Morganella

Morganella

 [mor-gah-nel´ah]
a genus of gram-negative, facultatively anaerobic, rod-shaped bacteria. The single species is M. morga´nii, which is a primary cause of urinary tract infections and is an opportunistic pathogen, causing secondary infections of the respiratory tract, blood, and wounds.

Morganella

(mōr'gan-el'ah),
A genus (family Enterobacteriaceae) of gram-negative, facultatively anaerobic, chemoorganotrophic, straight rods that are motile by peritrichous flagella; found in feces of human beings, other animals, and reptiles; can cause opportunistic infections of the blood, respiratory tract, wounds, and urinary tract.

Mor·gan·el·la

(mōr'gan-el'-ă)
A genus of gram-negative, facultatively anaerobic, chemoorganotrophic, straight rods that are motile by peritrichous flagella. Found in feces of human beings, other animals, and reptiles. Can cause opportunistic infections of the blood, respiratory tract, wounds, and urinary tract.
References in periodicals archive ?
NDM-1 was reported from different hospitals in the UK in Morganella morganii, Citrobacter freundii, Enterobacter cloacae, Providencia, Klebsiella pneumonia and Escherichia coli.4,5 It was initially discovered in 2008 in a Swedish patient of Indian origin, but now has claimed its presence globally including India and Pakistan.5,6 United Kingdom, Canada, France, China, Japan, Oman, Iraq, Bangladesh and United States are one of the few other countries from where bla NDM-1 has been reported.
Unfortunately, his condition gradually deteriorated again at the end of the treatment, because of catheter-related bacteremia due to methicillin-resistant Staphylococcus epidermidis, then nosocomial pneumonia due to Morganella morganii.
Priority Pathogens Antibiotic resistance category Critical Acinetobacter baumannii Carbapenem-resistant Pseudomonas aeruginosa Carbapenem-resistant Enterobacteriaceae Carbapenem-resistant ([dagger]) Klebsiella pneumonia, Third generation Escherichia coli, cephalosporin Enterobacter spp., -resistant Serratia spp., Proteus spp., Providencia spp., Morganella spp.
atra , and the most three common pathogens are Morganella morganii, Aeromonas hydrophila , and Enterococcus species.[23] However, the bite wounds inflicted by P.
Then Proteus (11), Citrobacter (10), Enterobacter (8), Serratia (4) and Morganella (3) respectively.
En este estudio se logro identificar enterobacterias diferentes a Salmonella, ya que el tipo de enriquecimiento (Rappaport-Vassiliadis) y el agar XLD permitio el aislamiento de especies de otros generos presentes en las muestras trabajadas, tales como Citrobacter freundii (13.5%), Morganella morganii (7.03%), Edwarsiella tarda (2.7%), Proteus miriabilis (0.5%) y Proteus vulgaris (5.9%) (Cuadro 3).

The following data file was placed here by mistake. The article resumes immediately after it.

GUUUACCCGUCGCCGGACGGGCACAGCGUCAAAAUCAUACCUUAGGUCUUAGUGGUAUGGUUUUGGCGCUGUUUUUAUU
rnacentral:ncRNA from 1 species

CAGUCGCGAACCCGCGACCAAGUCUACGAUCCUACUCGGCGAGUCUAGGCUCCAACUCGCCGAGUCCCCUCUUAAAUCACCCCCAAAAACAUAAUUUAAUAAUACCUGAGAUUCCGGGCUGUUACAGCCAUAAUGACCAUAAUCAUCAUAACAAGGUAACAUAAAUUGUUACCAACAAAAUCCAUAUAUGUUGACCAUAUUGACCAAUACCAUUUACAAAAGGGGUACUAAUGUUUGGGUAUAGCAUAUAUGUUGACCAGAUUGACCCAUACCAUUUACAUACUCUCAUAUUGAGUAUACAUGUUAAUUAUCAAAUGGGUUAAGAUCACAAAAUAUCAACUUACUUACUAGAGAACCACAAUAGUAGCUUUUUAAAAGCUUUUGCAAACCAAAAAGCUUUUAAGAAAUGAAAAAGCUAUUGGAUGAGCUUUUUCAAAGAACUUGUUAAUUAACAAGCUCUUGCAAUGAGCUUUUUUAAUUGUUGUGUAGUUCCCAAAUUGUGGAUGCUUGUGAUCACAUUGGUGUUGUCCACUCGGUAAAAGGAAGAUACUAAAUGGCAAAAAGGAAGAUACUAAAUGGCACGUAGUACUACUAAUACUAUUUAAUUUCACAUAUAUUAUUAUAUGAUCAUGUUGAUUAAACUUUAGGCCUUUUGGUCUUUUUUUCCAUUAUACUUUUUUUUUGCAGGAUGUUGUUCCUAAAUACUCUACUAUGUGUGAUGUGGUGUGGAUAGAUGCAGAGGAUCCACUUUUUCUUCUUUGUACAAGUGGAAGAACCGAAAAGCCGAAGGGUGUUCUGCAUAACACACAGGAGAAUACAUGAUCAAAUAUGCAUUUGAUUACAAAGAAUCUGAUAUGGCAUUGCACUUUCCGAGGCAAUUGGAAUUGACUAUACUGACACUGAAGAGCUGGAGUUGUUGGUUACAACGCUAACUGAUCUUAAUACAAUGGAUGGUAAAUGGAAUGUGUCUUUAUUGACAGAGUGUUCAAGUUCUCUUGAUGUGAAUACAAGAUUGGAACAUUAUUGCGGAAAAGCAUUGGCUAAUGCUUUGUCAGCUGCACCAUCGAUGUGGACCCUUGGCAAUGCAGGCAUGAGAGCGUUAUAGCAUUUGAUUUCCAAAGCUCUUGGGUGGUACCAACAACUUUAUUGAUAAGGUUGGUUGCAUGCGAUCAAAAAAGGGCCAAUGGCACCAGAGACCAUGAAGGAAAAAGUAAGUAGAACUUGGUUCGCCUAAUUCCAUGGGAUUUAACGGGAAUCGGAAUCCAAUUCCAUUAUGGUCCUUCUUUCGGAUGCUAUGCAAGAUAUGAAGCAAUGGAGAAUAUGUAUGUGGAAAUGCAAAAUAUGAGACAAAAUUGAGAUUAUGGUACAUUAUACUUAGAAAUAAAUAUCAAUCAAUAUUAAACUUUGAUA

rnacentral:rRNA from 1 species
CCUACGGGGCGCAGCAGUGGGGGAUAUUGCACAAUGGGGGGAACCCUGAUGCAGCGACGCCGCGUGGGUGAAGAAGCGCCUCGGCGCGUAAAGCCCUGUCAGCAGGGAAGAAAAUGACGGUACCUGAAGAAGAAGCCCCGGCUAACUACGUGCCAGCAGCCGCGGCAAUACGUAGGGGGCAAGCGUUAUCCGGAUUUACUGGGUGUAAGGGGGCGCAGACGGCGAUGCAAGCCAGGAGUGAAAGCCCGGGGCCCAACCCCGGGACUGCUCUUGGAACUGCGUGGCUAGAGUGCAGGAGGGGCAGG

pneumoniae (n=9), Morganella morganii (n=1), Pseudomonas aeruginosa (n=5) and Stenotrophomonas maltophilia (n=2) isolated from various specimens were obtained from the Medical Microbiology Laboratories of the Faculty of Medicine, Canakkale Onsekiz Mart University, Canakkale, Turkey and Istanbul Faculty of Medicine, Istanbul, Turkey between 2006-2016.
faecium (n=1), streptococcal species (n=1), Ochrobactrum anthropi and Acinetobacter baumannii (n=1), Kluvera intermedia (n=1), Streptococcus anginosus (n=1), Citrobacter koserii (n=1), Morganella morganii (n=1), and normal respiratory flora (n=1).
Other microbes that can secrete these enzymes such as Enterobacter cloacae, Morganella morganii, Serratia marcescens, Klebsiella oxytoca, Providencia stuartii and Citrobacter amalonaticus were less widespread in the hospital environment (10/351, 2.8%) (Figure 1).
Out of 1023 GNB, 428 were Acinetobacter species,284 were Klebsiella species,225 were Pseudomonas species, 29 were E.coli, 3 Proteus spp, 6 Citrobacter spp, 6 Enterobacter spp, 20 Serratia, 14 Stenotrophomonas, 6 Burkholderia spp and 2 Morganella spp.
Other (a) Women (10,200) 356 (3.5) 614 (6.0) [95%CI] [3.1-3.9] [5.5-6.5] 0-13 years (594) 24 (4.0) 43 (7.3) [95%CI] [2.6-5.9] [5.3-9.7] 14-47 years (3182) 118 (3.7) 96 (3.0) [95%CI] [3.0-4.4] [2.4-3.7] >47 years (1646) 75 (4.6) 64 (3.9) [95%CI] [3.6-5.7] [3.0-5.0] Pregnant (4241) 110 (2.6) 366 (8.6) [95%CI] [2.1-3.1] [7.8-9.5] Diabetes (537) 29 (5.4) 45 (8.4) [95%CI] [3.6-7.7] [6.2-11.0] Men (922) 76 (8.2) 166 (18.0) [95%CI] [6.5-10.1] [16-21] 0-13 years (272) 18 (6.6) 43 (15.8) [95%CI] [3.9-10.2] [12-21] >13 years (650) 58 (8.9) 123 (18.9) [95%CI] [6.8-11.4] [16-22] Total (11,122) 432 (3.9) 780 (7.0) [95%CI] [3.5-4.3] [6.5-7.5] (a) Includes uropathogens recovered with frequency below 2%, among them Enterobacter spp, Citrobacter spp, Morganella morganii and Pseudomonas aeruginosa.
(2) For Enterobacter, Serratia, Citrobacter freundii, Proteus vulgaris, Providencia and Morganella species, the Clinical Microbiologist may exercise discretion regarding the need for further testing if resistance is likely to be due to a combination of AmpC de-repression and porin deficiency (eg, when there is no co-resistance to other antibiotic classes and resistance develops progressively during antimicrobial therapy).